Aconitum napellus (aconitum, blue rocket, friar's cap). Related species:
A. variegatum (spotted aconite), A. lycoctonum (wolf s bane).
A member of the plant family RANUNCULACEAE. Perennial tuberous plant, with light
green narrowly divided leaves and purple helmet-shaped, hooded flowers. Fruit usually have one or more follicles, each containing 10-15 black seeds with
Animals most affected
Sheep, cattle, goats (other species)
Ingestion of the plant (rare, due to its acrid taste), or contaminated forage or
All parts of the plant contain the alkaloid aconitine, with the highest concentration
found in the tubers (roots) and seeds, lower amounts in the leaves and stems. The
alkaloidal content is at its maximum just before flowering (Jun-July). Actual toxic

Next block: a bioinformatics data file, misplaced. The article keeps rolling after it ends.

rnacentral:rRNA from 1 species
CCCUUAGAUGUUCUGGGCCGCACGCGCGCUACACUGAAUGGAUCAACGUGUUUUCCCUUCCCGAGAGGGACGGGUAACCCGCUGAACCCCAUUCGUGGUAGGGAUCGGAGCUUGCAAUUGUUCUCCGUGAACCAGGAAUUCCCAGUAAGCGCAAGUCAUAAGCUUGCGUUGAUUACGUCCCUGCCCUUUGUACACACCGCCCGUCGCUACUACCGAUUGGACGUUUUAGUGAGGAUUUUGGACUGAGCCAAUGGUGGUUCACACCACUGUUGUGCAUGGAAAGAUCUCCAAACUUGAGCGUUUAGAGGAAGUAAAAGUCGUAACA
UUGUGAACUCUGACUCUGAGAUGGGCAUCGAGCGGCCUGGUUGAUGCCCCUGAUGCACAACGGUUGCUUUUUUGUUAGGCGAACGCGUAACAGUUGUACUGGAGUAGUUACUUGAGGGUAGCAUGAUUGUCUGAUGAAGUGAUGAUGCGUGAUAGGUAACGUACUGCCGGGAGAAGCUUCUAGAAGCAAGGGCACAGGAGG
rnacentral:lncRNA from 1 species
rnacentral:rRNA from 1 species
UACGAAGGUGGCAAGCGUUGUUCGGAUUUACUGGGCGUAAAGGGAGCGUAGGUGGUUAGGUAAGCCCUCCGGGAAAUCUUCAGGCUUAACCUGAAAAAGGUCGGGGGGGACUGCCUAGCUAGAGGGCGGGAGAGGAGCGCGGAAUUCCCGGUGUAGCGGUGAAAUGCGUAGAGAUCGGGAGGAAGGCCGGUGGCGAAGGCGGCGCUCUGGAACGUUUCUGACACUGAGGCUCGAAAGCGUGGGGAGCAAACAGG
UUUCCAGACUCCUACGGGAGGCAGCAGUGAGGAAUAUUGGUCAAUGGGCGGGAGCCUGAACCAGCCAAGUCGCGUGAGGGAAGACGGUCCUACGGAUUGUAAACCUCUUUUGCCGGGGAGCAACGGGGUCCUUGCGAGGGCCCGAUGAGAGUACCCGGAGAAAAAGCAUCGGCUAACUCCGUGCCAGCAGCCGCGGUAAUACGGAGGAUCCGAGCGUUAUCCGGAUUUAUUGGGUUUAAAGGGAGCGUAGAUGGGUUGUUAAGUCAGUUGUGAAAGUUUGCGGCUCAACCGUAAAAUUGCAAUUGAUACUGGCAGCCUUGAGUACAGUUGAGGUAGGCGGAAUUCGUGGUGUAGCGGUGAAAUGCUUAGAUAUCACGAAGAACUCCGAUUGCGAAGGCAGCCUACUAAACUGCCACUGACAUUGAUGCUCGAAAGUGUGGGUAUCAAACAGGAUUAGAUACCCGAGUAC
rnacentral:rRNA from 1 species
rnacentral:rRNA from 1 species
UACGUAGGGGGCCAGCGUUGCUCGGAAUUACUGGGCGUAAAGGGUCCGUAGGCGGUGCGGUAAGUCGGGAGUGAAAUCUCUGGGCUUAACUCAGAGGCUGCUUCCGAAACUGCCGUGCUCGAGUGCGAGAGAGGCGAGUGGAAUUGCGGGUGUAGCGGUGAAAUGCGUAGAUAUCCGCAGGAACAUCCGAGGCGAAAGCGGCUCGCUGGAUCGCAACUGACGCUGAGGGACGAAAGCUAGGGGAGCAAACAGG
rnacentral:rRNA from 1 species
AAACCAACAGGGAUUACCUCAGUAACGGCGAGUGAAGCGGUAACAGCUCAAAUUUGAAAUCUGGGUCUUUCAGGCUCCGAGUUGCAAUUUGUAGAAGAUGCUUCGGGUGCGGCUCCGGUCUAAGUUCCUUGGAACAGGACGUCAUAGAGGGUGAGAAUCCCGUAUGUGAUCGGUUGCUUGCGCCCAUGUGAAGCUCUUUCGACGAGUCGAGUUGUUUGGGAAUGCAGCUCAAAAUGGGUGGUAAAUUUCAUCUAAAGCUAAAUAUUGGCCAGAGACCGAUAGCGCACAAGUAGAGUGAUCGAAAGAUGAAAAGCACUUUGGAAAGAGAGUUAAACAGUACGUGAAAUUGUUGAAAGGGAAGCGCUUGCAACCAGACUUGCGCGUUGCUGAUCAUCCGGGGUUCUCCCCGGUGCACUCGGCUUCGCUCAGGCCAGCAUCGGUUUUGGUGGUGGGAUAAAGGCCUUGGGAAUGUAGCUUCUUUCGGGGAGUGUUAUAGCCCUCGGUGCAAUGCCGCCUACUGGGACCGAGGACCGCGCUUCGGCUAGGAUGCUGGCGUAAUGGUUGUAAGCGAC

doses are not well known.
Oral doses of the plant:
2-5 g dried plant material
200-400 g fresh plant material
Note: horses, donkeys and goats are more sensitive to aconitum than sheep.
Aconitine (by parenteral route):
dogs 2-3 mg
horses 10-12 mg
vomiting, salivation, colic and possibly diarrhoea;
shivering, muscular contractions and spasms;
ataxia, dilated pupils (mydriasis);
dyspnoea, bradypnoea with cyanosis, bradycardia;
death due to asphyxia.
Non-specific:gastric and renal congestion.
No available antidote. Symptomatic and supportive care: